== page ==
Two Provocations.

Yoko Tawada at Love Letters to a (Post)Europe, Athens (2015) Image: Eftychia Vlachou

by Lisa Alexander and Mary Paterson


Provocation – Athens, 2015

In the Greek language there are more than four words for Love. Five years ago Europe entered a deep crisis indicating something that ran a lot deeper still, ‘a crisis of social imagination’ in which economic dogma had taken hold of public discourse’ according to Berardi. This also marked the start of ‘Europe’s uprising’ by its people: the encampments in Madrid, Athens, Rome, London and beyond. The body’s presence in public squares confirmed something infinite and unquantifiable to a global system.

Now we seem to have come full circle and economic dogma is being used to inflict regime change. There has been a lot of debate on what has been enacted in the name of Europe over the last few months.

This event asks artists to respond with the action, idea or form of a love letter. Of now. It may also be ending it. An action approaching another, a double listening.

Levelled at this crisis of social imagination, economic dogmatism and neoliberal tyranny is imagination, empathy, sensuality, presence, being together, singular witnessing, living manifestos, stories, acts of friendship, fellowship, solidarity, refusals of order, nonsense, gifting, calls from and to the wilderness, rants, tough love, seductions, messages in brokenness, adoration, utopias and post-utopias, songs from the margins, addressing the now.


In the summer of 2015 the artist Lisa Alexander wrote this provocation for artists to respond to, for an event in Athens later that year: ‘Love Letters to a (Post)Europe’. Following the global financial crash of 2008, Greece’s economy was suffering and its membership of the European Union was under threat. Greek citizens faced the choice to leave the union or to suffer brutal austerity measures. The European project was under threat. The continent was at the mercy of unelected technocrats and economists. The people who caused the financial crash seemed to be controlling the terms of citizens’ suffering.

Lisa’s provocation inspired an incredible festival of performance. Artists from all across Europe came together to explore what it means to love and live in a place you don’t always agree with. Love Letters to a (Post)Europe took place in Athens in October 2015.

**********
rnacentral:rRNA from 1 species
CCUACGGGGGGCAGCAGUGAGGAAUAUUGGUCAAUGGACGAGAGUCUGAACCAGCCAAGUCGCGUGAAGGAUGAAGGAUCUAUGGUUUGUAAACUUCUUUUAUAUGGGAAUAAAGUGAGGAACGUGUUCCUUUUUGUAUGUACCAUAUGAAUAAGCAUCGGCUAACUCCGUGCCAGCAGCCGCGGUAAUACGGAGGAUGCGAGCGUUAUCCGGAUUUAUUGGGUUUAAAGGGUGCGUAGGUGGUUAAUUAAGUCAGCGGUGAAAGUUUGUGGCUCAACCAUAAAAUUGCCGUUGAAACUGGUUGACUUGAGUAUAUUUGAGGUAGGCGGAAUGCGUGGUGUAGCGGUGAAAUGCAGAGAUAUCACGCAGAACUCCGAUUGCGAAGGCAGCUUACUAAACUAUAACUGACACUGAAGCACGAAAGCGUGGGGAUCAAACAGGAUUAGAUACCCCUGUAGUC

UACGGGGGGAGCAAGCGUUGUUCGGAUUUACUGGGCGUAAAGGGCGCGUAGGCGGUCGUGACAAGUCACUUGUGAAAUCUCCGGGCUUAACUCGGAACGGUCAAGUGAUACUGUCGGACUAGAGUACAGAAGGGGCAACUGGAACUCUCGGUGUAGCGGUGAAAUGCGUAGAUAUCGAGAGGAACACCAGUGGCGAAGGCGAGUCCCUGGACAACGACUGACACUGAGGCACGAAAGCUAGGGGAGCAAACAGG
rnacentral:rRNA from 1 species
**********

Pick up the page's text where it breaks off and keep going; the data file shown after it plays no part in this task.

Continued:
In 2018, Lisa Alexander wrote another provocation. The political moment had changed. She was writing from London, the financial capital of Europe, and the capital of a country that voted to leave the EU in 2016. The Brexit referendum was won on a platform of nationalism and anti-immigrant feeling. Lisa invited reflection and postscripts from the artists who came together in Greece in 2015, and an honest reappraisal of our roles in Europe. The result was a book that documents the entire journey: To You, To You, To You and a new festival of performance which took place in London almost exactly three years after the original. Responses by artists new to the project were performed alongside responses from the Athens event. Performance and gatherings also took place in the port towns of Liverpool and Folkestone and in Ormskirk.


Provocation – London, 2018

Since then borders inside and outside have grown backwards in time. A clock that’s stopped can fool us for it shows the correct time twice a day. New languages have been created for these borders based on malappropriating old words.[1] Our enemies were once the distant cousins we gave shelter to after a long journey. Is it possible to decolonise memory that halts the ability to dream? Fifty years on from 1968 and Liberty just published A Guide to the Hostile Environment. The world’s seas are privatised by businessmen and kleptocrats. Walls are being built again. Privilege is superficially fixed for the few. Austerity is a lie as debts can never be paid off but what if debt becomes a journey, a search for ways of being with each other? the soul’s dark summits are non-negotiable[2]

Love is political, love is a philosophy. With love there’s room for warmth and dissonance and freedom of movement. To see the horizon or be a grain of sand on the shoreline. To be singular and multiple, sing songs of unfixing or reparation, cast spells of decolonization and seduction.

This event asks artists to gather and to respond with the action, idea or form of a love letter. Of now. It may also be ending it. An action approaching another, a double listening.

[1] Hostile – host – hostel – shelter – welcome – gifting-giving – rituals of multiple exchange – a host of offerings etc.

[2] Etel Adnan.

More information on the project

Excerpt from the book


Lisa Alexander is an artist who works across the mediums of performance, text and installation. She also curates performance and writing. Her artwork and research explores the subjectivity of witnessing, artistic practice as a lens on social change or as a trigger for social imagination. Lisa’s work is informed by a prior training in dance. She was an Associated Researcher on Performance Matters (2010- 2012) and holds a PhD in performance and experimental poetics from University of Roehampton, London (2014) and a BA honours in Dance Theatre (Trinity LABAN, London scholarship 1996).

Mary Paterson is a co-host of Something Other. 

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